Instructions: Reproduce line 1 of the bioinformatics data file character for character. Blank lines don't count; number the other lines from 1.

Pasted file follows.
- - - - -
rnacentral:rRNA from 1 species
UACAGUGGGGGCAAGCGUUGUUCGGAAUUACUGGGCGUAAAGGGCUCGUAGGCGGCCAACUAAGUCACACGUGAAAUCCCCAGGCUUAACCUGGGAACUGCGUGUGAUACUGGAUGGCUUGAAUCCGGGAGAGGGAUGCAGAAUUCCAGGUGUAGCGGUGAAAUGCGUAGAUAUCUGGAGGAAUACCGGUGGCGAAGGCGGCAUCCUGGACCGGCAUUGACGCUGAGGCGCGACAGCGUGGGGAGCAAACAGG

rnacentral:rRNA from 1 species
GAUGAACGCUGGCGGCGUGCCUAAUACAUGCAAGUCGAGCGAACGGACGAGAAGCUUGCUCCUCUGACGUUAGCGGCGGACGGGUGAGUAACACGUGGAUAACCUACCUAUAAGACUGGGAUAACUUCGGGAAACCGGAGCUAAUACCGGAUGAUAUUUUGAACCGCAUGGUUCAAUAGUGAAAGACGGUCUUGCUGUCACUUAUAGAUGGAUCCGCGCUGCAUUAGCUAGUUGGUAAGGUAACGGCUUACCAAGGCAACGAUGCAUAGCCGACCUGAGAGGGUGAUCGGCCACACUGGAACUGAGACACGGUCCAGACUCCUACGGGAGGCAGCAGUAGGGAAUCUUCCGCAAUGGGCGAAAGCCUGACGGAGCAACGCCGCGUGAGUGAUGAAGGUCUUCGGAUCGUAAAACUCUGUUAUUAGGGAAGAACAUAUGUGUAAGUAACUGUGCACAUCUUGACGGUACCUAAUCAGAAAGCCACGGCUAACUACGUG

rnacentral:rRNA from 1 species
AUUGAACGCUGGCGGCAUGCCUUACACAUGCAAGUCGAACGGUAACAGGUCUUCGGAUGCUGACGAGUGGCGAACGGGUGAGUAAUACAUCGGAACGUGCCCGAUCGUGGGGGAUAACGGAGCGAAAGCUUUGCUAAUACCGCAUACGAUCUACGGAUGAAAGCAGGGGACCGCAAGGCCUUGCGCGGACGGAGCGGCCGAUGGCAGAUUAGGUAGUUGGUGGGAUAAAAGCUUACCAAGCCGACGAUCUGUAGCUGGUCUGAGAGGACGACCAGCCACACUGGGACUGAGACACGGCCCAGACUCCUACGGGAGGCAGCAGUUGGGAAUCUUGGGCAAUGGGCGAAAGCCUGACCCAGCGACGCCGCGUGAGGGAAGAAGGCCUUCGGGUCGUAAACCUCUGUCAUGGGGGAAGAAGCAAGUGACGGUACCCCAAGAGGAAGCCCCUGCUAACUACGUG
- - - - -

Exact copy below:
rnacentral:rRNA from 1 species